What Happened When ‘Black Lives Matter’ Protesters Met With Los Angeles Police Chief
Melina Abdullah began her week in jail. On Monday, the Cal State professor was one of two people arrested for trying to deliver a letter to Los Angeles Police Chief Charlie Beck on behalf of protesters who for almost two weeks now have camped outside LAPD headquarters. They’ve been holding signs declaring “Black Lives Matter” and demanding an end to what they see as a pattern of impunity for cops who kill unarmed people of color. By Friday, she was meeting with Beck himself—and while he didn’t meet any of their demands, the fact that he was even acknowledging them was portrayed as a sign of progress.
“It was worth it,” Abdullah told reporters at a press conference immediately after she and three other activists met with Beck to discuss the deaths of people such as Ezell Ford, a 25-year-old black man who was unarmed when he was shot in the back last August. “It’s through the demonstrations, through the refusal to go by and just let this pass as another shooting that we don’t respond to that we even got the meeting.”
While the two officers who shot Ford are currently on desk duty, activists want them fired. Beck, however, claimed his hands are tied. “We asked the chief of police to remove them from duty, he refused. He cited this long bureaucratic process and basically said that we’re looking at a timeline of March or April where it’s possible that he may engage in disciplinary action,” said Abdullah. That, argued other speakers, is a delay that is there by design.
“The truth is that this process which they claim is the result of concerns from the community does not serve the community,” said Nana Gyamfi, an attorney with the Crenshaw Legal Clinic who attended the meeting. “It is a process designed to appear to serve the community, when in fact it serves the police,” she said. “It serves the police when it takes almost a year or more to decide if this is a shooting that should have happened.”
In Los Angeles, it’s not just the police who are taking things slow. Protesters want District Attorney Jackie Lacey to indict the two officers who shot Ford with murder, but she, too, says her investigation is ongoing; by contrast, after the police shooting of 18-year-old Michael Brown it only took a few days for St. Louis County Prosecutor Robert McCulloch to convene a grand jury—though, of course, many critics contend that process, too, was designed more to placate the public than deliver justice to Brown’s killer.
The failure of the processes currently in place—or success, depending on one’s perspective (or cynicism)—is why Pete White, an organizer with the Los Angeles Community Action Network, told me he brought up the name Steven Eugene Washington “to highlight why there’s mistrust.” In 2010, Washington was walking along Vermont Avenue in Koreatown when, according to the Los Angeles Times, police cruising by said they heard a loud sound. Whipping their car around they saw Washington, who allegedly gave them a “hard” look—he was autistic—and reached for his waistband, grabbed an object and then pointed it at them. Claiming he feared for his life, the officer driving the car then shot him in the head.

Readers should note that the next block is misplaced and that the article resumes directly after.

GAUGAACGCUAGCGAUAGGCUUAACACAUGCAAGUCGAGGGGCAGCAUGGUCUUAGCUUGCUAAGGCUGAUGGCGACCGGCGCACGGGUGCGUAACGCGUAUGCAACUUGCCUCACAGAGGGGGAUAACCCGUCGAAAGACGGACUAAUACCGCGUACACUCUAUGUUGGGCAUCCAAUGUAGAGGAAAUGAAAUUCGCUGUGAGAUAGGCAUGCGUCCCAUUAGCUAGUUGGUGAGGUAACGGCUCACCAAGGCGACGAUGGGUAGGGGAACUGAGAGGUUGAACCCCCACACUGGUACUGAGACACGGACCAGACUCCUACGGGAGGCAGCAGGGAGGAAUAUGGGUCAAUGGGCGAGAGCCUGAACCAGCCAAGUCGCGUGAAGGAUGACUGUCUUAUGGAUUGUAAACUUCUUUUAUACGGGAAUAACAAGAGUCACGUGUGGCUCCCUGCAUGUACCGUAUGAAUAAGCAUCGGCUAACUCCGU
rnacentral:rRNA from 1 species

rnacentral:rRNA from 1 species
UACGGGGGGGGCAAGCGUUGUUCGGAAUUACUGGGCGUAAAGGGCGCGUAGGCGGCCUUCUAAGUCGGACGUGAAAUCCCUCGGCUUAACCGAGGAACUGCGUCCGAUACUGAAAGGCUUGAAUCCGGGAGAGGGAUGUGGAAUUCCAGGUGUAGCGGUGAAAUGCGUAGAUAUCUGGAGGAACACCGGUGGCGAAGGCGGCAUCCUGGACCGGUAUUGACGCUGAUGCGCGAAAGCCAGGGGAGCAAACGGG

Washington was unarmed. The object near his waistband was a cellphone that had not in fact been removed from its holster. Presented with that information, the officer who killed him revised his story. “I — honestly, it was so quick so then I was — it was a split second. You know, I couldn’t tell.”
As White told it, Beck and the other high-ranking LAPD official in the room, Assistant Chief Earl Paysinger, both “got really, really tense” when he brought up the case. That’s presumably because while the LAPD itself ruled the shooting was justified, it was one of the exceedingly rare cases where the LA Police Commission disagreed, its five members unanimously ruling—or rather, recommending, since its rulings are not legally binding—that the officers involved be disciplined. Beck reportedly initiated disciplinary proceedings, though both officers remain on his payroll.
LAPD spokesperson Jack Richter told me the department had no comment on the meeting.
At the press conference, meanwhile, people taking part in the Black Lives Matter protest outside LAPD headquarters—ranging from dozens to hundreds at a time since it began December 30—lamented that they had to be there at all.
“It’s sad that we’ve got to do this,” said Jasmine Richards, a young black woman who stressed she was not an “activist” or an “organizer” but rather a regular person spurred to take action by the killings from New York to Ferguson to LA. “Why do we have to chant ‘black lives matter’?” she asked. “And when we chant it, why does everybody say ‘all lives matter?’ We know that. We know everybody else’s life matters. But when can we get some justice for our lives?”